The Death of Bond?, 01/10/2021
Finally, we get to see the next instalment, but I’m sure it won’t be the last. How much trouble is Bond in and will he make it through the movie?
US and UK government Bond prices have been under pressure again with yields on the rise in the last few weeks. Dame Sara Gilbert’s comments in September that Covid 19 will ultimately become like the common cold was substantial reassurance over the long-term prognosis. Shorter term supply chain issues around the world are also clearly putting pressure on prices and will create a rise in inflation. It remains to be seen whether this will be a short term spike or create sustained higher inflation but it has lead to a more hawkish mood from both the US Fed and Bank of England with both of them considering bringing forward base rate rises.
As we approach the twelve month anniversary of the vaccine announcement the chart below shows just how much trouble the average Bond has been in!
Vanguard’s popular UK Government Bond Index ETF has lost 7.5% in the last year; this fund holds £4.4bn of investor’s money. One of the most popular UK corporate bond ETFs run by iShares has lost 1% in a year and as of yesterday there was just under £2bn in this tracker fund. With yields on a 20 year UK government bond now at around 1.35% (it got as low as 0.5% in the summer of 2020) and less than half the expected rate of inflation, we are still giving these Bonds a very wide berth. The “return free risk” has a tad more return than a month ago but the risk of further falls is still too high for us. These average Bonds are in for a rough ride.
By contrast our Bonds, James Bonds, have dusted off their tuxedos, pulled out their cuffs and marched on. Our Bonds are more volatile than the average, which was uncomfortable in the 2020 dip, we must accept that. It is in their nature, they are active and aggressive not passive ducks! But, with their short duration and higher yields, like the real James Bond they bounced back quickly and have done a great job in the last 12 months. Nick (think Q) also added the new Artemis Target Return Bond fund, which has the weaponry to fight against rising yields. We added this fund with full expectation of the scenario of the last few weeks unfolding.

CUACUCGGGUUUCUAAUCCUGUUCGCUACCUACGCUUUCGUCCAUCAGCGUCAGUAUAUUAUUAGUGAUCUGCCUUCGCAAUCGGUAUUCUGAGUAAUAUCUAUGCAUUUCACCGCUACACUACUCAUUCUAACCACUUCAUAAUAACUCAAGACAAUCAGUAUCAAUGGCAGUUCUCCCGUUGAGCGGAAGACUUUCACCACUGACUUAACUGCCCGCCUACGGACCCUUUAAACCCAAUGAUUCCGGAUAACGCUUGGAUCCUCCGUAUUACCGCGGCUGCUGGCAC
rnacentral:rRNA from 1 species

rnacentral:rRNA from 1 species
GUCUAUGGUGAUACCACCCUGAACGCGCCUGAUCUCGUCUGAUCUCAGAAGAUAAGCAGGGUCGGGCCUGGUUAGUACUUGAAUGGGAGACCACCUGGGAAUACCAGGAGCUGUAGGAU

Our Bond managers are all acutely aware of the rising yield threat and have the tools to fight it, unlike the average Bonds which are likely to continue to be crushed. In fact, life gets easier for our Bond funds as rates rise and new issue Bonds come out at ever increasing yields. Who will be the next James Bond?
I added the MSCI world index to the chart above along with our two top global equity income funds. Whilst I know we suffered underperformance in these two funds versus the world index before last October, it is good to see that the post vaccine bounce was not just a flash in the pan and as Nick shows below, they have been good to own in the last few weeks. As the risk-free rate increases, the discount applied to future earnings by price analysts rises. This re-rating affects the prices put on companies which are very highly valued or where all of their earnings are expected further out in the future rather than imminently. This will continue to take the shine off growth companies which now dominate the MSCI world index and favour stock selected funds looking for current year income and companies which are undervalued.
Unlike with the Bonds where we are completely away from the average Bond, on this issue we are not completely one way or the other. We have spread our investments to be in both camps. High growth companies will likely provide the very best long term returns but with more rate rises likely to come we think it is prudent to keep the value and income positions which are also producing decent returns. As has been the case historically, these are once again proving to be a bit more defensive when indexes fall.
Investment Insight, 01/10/2021
Model Portfolio 5 Year Anniversary